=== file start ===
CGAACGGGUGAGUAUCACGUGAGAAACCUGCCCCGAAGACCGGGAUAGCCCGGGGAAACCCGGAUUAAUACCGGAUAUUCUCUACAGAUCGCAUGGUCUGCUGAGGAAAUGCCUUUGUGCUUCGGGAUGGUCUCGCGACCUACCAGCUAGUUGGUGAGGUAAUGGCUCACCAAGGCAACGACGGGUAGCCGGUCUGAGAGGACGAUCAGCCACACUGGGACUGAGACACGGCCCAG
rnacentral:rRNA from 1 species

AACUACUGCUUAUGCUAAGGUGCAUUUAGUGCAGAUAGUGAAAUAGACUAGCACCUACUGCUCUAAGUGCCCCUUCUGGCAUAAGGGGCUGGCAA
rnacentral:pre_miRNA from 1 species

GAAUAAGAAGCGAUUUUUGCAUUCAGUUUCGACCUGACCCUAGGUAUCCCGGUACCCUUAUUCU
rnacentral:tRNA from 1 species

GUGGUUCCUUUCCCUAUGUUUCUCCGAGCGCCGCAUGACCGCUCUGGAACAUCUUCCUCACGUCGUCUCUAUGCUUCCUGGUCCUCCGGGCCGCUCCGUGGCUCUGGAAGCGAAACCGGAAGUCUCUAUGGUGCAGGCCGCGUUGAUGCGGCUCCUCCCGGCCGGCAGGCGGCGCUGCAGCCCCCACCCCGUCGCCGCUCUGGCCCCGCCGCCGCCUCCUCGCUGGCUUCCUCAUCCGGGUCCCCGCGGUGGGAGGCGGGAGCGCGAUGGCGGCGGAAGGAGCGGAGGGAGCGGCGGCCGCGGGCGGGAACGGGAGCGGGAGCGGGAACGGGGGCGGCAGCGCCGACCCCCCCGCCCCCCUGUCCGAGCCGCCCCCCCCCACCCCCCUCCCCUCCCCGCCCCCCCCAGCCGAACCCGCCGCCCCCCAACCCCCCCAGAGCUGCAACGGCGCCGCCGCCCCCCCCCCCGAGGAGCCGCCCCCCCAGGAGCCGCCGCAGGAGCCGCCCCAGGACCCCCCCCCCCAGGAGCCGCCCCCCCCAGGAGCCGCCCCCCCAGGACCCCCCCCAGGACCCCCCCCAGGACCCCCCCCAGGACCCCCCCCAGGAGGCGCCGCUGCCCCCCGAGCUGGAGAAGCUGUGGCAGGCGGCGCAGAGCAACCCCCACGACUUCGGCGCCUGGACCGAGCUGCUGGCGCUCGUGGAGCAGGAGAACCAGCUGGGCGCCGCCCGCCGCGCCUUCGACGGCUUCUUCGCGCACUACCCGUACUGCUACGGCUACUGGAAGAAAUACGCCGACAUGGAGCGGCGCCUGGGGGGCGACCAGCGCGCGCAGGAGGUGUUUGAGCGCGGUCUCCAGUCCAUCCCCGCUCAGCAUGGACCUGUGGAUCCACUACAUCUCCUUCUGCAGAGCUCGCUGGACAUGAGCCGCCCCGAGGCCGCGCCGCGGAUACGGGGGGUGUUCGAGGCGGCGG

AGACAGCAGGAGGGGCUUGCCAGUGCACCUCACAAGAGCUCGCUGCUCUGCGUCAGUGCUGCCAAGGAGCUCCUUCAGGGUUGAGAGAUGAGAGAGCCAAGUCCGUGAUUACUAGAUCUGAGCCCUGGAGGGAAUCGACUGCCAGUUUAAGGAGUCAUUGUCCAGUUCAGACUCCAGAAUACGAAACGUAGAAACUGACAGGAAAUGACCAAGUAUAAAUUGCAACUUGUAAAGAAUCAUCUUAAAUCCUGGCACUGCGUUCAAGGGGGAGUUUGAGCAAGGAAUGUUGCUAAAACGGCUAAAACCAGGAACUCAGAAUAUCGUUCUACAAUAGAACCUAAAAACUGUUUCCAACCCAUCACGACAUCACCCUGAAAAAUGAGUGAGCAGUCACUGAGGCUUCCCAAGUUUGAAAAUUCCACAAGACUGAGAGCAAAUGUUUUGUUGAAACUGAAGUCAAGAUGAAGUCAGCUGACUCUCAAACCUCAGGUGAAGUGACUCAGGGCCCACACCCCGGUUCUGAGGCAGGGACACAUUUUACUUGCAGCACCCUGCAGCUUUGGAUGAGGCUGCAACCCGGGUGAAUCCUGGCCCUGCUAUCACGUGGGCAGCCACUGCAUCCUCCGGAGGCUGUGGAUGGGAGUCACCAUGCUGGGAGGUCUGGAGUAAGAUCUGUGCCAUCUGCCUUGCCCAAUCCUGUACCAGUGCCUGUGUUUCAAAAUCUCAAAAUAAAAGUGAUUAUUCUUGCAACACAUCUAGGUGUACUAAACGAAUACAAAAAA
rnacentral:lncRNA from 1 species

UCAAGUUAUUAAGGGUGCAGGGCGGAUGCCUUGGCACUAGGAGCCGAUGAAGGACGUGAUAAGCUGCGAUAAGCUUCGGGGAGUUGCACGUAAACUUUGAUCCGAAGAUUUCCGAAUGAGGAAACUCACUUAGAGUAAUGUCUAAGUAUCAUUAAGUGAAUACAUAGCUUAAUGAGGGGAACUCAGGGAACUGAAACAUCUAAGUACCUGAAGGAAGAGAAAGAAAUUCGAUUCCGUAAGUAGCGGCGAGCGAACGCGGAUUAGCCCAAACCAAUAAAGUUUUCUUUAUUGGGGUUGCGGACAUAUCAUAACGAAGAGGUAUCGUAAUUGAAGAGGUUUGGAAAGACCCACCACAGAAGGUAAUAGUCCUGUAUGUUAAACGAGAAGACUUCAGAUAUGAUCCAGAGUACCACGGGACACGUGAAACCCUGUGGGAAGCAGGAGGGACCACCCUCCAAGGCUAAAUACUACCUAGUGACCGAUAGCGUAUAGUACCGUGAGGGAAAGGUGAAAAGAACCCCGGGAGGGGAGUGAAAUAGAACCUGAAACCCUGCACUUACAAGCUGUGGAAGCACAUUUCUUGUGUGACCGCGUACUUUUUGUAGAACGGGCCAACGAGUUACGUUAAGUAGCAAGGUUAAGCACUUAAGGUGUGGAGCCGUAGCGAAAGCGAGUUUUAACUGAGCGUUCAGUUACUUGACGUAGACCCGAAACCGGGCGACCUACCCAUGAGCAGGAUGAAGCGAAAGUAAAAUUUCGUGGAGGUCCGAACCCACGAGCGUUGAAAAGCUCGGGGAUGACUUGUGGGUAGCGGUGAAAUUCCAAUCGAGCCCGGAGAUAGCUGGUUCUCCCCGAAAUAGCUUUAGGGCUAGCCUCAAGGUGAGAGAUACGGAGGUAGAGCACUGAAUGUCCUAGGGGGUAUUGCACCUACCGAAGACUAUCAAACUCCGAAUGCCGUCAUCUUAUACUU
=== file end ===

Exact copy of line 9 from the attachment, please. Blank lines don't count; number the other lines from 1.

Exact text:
rnacentral:lncRNA from 1 species